The magnitude of EPA’s interpretation of what constitutes a permit violation is evident when one considers that a large site may have hundreds of different BMPs in place. It is well understood by people in the construction industry that in a dynamic environment, such as a construction site, silt fences and other structural elements are going to experience natural wear and tear. Hence, the liability exposure is considerable. The general perspective of the regulated community is that, while the failure to install a sediment and erosion control measure or to properly maintain it (i.e., to repair on a timely basis what is discovered to be failing) may, under certain circumstances, be considered a permit violation, it is questionable whether a sagging fence that is not discovered until the authorized inspection takes place is a permit violation. This issue is presently the subject of much controversy nationwide and how EPA – and more importantly the courts – interpret the tension between routine maintenance and the EPA’s desire to enforce will have significant ramifications for the construction industry.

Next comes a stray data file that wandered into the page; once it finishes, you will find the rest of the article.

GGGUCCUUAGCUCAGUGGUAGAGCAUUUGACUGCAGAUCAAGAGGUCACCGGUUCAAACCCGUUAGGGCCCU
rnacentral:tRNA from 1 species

The risks of federal or state enforcement for relatively minor BMP maintenance issues is a reality. Obtaining coverage under the NPDES stormwater permits is essential. At a minimum, developing and implementing a SWPPP is necessary to reduce the possibility of enforcement. In turn, BMPs should be designed by parties familiar with effective design strategies and local conditions. Mere compliance with local erosion control regulations may not be enough to shield one from EPA enforcement. In addition, routine inspection and maintenance must be followed to the letter. In the worst case scenario of an enforcement action, the best defense will be that the BMPs were designed, implemented and maintained according to an approved SWPPP and that BMPs, such as silt fences, are permitted normal wear and tear.